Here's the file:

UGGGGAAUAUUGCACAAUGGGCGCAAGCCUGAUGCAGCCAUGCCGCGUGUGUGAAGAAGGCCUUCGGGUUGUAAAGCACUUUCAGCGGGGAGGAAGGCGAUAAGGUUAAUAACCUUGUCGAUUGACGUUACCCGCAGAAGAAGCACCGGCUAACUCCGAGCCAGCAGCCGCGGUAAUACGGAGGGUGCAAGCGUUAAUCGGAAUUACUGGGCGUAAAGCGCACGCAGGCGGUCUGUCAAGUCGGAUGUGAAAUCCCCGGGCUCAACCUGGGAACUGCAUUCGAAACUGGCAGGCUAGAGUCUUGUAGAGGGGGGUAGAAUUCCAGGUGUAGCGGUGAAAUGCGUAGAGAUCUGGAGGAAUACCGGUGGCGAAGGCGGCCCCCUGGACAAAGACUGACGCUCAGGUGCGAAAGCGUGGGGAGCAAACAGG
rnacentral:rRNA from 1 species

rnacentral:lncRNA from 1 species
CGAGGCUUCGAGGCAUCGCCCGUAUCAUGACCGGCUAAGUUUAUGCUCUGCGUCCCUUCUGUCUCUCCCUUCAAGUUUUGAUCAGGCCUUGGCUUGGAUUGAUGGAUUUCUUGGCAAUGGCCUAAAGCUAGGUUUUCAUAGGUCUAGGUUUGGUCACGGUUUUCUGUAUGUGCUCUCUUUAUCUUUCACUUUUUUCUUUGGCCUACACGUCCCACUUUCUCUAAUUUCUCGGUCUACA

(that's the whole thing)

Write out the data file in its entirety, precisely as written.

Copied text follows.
UGGGGAAUAUUGCACAAUGGGCGCAAGCCUGAUGCAGCCAUGCCGCGUGUGUGAAGAAGGCCUUCGGGUUGUAAAGCACUUUCAGCGGGGAGGAAGGCGAUAAGGUUAAUAACCUUGUCGAUUGACGUUACCCGCAGAAGAAGCACCGGCUAACUCCGAGCCAGCAGCCGCGGUAAUACGGAGGGUGCAAGCGUUAAUCGGAAUUACUGGGCGUAAAGCGCACGCAGGCGGUCUGUCAAGUCGGAUGUGAAAUCCCCGGGCUCAACCUGGGAACUGCAUUCGAAACUGGCAGGCUAGAGUCUUGUAGAGGGGGGUAGAAUUCCAGGUGUAGCGGUGAAAUGCGUAGAGAUCUGGAGGAAUACCGGUGGCGAAGGCGGCCCCCUGGACAAAGACUGACGCUCAGGUGCGAAAGCGUGGGGAGCAAACAGG
rnacentral:rRNA from 1 species

rnacentral:lncRNA from 1 species
CGAGGCUUCGAGGCAUCGCCCGUAUCAUGACCGGCUAAGUUUAUGCUCUGCGUCCCUUCUGUCUCUCCCUUCAAGUUUUGAUCAGGCCUUGGCUUGGAUUGAUGGAUUUCUUGGCAAUGGCCUAAAGCUAGGUUUUCAUAGGUCUAGGUUUGGUCACGGUUUUCUGUAUGUGCUCUCUUUAUCUUUCACUUUUUUCUUUGGCCUACACGUCCCACUUUCUCUAAUUUCUCGGUCUACA